Backward-facing car seats for infants are legally required throughout the U.S., but they're not especially simple to install in a vehicle. In fact, three out of four car seats are improperly installed, according to the National Highway Traffic Safety Administration.
Babies can be injured both in a car accident, when an improperly installed seat comes loose, or by making mistakes in adjusting the seat's setting and positions, such as by having the harness too loose or the straps in the wrong slot.
Could you be held responsible for any injuries a child incurs in a vehicle if you installed the seat? In some cases, yes. A lawsuit settled last year in New Jersey found that a state worker was responsible for putting in a car seat the wrong way and causing brain damage to a 2-week-old infant. The seat was leaned forward too far, and the baby's head fell forward, restricting her breathing. The state's Department of Children and Families ended up paying out $4.25 million due to their employee's failure to install the seat properly.
How to Avoid Liability for Incorrect Seat Installation
Even if you are a friend or relative of the baby's parents, and even if you have your own experience installing infant car seats, don't take on the task yourself. Proper seat installation can vary depending on:
- Whether the vehicle has a Lower Anchors and Tethers for Children, or LATCH, system that makes installation easier;
- Size and condition of the vehicle; and
- Size and model of the car seat.
Only install a car seat for your own child or if you are a certified Child Passenger Safety Technician (CPST). CPSTs may be found at hospitals or they may be police officers or firefighters. The 3- to 4-day certification course is rigorous and includes written quizzes, skill assessments and a checkup event where participants install and review a variety of seats for community members under the supervision of experienced CPSTs. If you've had this training, you are much less likely to install a seat in a way that would result in injury to a child.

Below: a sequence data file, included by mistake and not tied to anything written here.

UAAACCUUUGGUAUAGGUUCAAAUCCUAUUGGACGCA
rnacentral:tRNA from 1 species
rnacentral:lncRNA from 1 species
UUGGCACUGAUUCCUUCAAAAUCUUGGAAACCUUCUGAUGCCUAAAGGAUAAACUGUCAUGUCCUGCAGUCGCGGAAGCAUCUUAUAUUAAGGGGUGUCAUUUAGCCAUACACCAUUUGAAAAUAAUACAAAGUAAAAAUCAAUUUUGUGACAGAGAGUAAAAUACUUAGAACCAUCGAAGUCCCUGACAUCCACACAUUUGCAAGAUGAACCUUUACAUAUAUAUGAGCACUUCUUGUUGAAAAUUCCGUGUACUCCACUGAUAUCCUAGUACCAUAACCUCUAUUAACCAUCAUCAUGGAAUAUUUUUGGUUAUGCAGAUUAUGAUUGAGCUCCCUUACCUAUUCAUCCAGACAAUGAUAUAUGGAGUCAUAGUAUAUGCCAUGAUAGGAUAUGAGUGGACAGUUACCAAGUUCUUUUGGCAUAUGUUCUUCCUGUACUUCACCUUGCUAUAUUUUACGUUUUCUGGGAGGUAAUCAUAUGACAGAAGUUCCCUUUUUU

What if Your Child Was Injured as a Result of an Incorrectly Installed Seat?
If you did not install your own car seat, and your child was injured while riding in the vehicle or during an accident, you may be able to file a personal injury lawsuit on behalf of your child.
The case must be brought because the person who caused the damage was negligent. In the case of an improperly installed car seat that results in injury, if someone in a position of authority or whom you thought would know about car seat installation took on the task and did it incorrectly or missed a step that should have been taken, that could be considered negligence. If the person who installed your seat incorrectly was working for a government agency or health care facility, you might also be able to bring a suit against the employer.
Contact a personal injury lawyer (like those at Smith & O'Hare PS Inc) to discuss the specifics of your case and whether a lawsuit is an option.